In a move widely expected to portend an industry trend in years to come, Continental Airlines last month confirmed its intention to sell 20 percent of its now wholly owned Continental Express subsidiary on September 1, laying the foundation for an eventual full spin-off of the Houston-based regional airline.
Economy of the United States
Mesa Air Group last month reversed its decision to establish a new Cincinnati base and canceled all the flights scheduled to six cities from Cincinnati/Northern Kentucky International Airport for July 8. Mesa contacted all affected passengers and reaccommodated them on Delta Air Lines or Comair flights.
In the fallout from the failed merger of General Electric and Honeywell, Honeywell’s board of directors last month huddled to contemplate whether the company has a legal case against GE for failing to use “reasonable best efforts” to win approval for the proposed deal in Europe.
“There are definite signs the market is improving. We’re starting to see aircraft sales pick up at the broker level and we’re holding our own in the market, at least in the first quarter of this year, and we’re hoping it will continue in the second quarter,” James Donlan told AIN.
Airline executives whose predictions of regional divestitures raised eyebrows just two years ago watched their prophesies turn to hard reality in late February, as Northwest Airlines announced its intention to spin off its Memphis-based Express Airlines I subsidiary and Continental Airlines revisited its plans to divest itself from Continental Express.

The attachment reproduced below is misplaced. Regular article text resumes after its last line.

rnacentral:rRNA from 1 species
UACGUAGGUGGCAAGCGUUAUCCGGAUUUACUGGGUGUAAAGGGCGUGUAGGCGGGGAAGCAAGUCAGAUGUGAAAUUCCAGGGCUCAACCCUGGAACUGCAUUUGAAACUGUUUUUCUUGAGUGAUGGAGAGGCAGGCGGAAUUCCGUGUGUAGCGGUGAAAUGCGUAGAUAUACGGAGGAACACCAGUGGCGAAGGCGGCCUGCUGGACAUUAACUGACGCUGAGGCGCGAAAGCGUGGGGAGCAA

American Airlines has responded to a contractual limit on ASM growth at its regional affiliates with a plan to strip the AA* code from certain St. Louis-based flights operated by American Connection partners Chautauqua, Trans States and Corporate Airlines. American claims the move will give it another six to nine months to decide the fate of its San Juan, Puerto Rico-based Executive Airlines subsidiary.
Less than nine months into a pro-rate code-share contract with Frontier Airlines that called for the introduction of seven Bombardier CRJs into the Frontier system by year-end, Mesa Air Group has begun to curtail its relationship with the Denver-based low-fare carrier as a lingering environment of razor-thin yields has resulted in “less than satisfactory” returns for Mesa, according to a company official.
A pair of long-awaited pilot contracts finally reached the ratification stage when Appleton, Wis.-based United Express affiliate Air Wisconsin and Alaska Airlines subsidiary Horizon Air each closed collective-bargaining negotiations with their respective pilot unions.
Sagging operational and financial fortunes at Cheyenne, Wyo.-based Great Lakes Aviation have prompted Tennenbaum & Co. to withdraw its offer to buy the former United Express affiliate’s outstanding shares of common stock for $4 a share. In a letter to Great Lakes’ board, Tennenbaum suggested a merger of the Frontier Airlines code-share partner with another turboprop operation to increase its attractiveness to potential investors.
A recent top executive appointment at Textron signifies more than just a leadership change. It was also part of a continued reorganization of the company’s corporate structure that started about a year ago and will affect its operating units, including Cessna Aircraft and Bell Helicopter.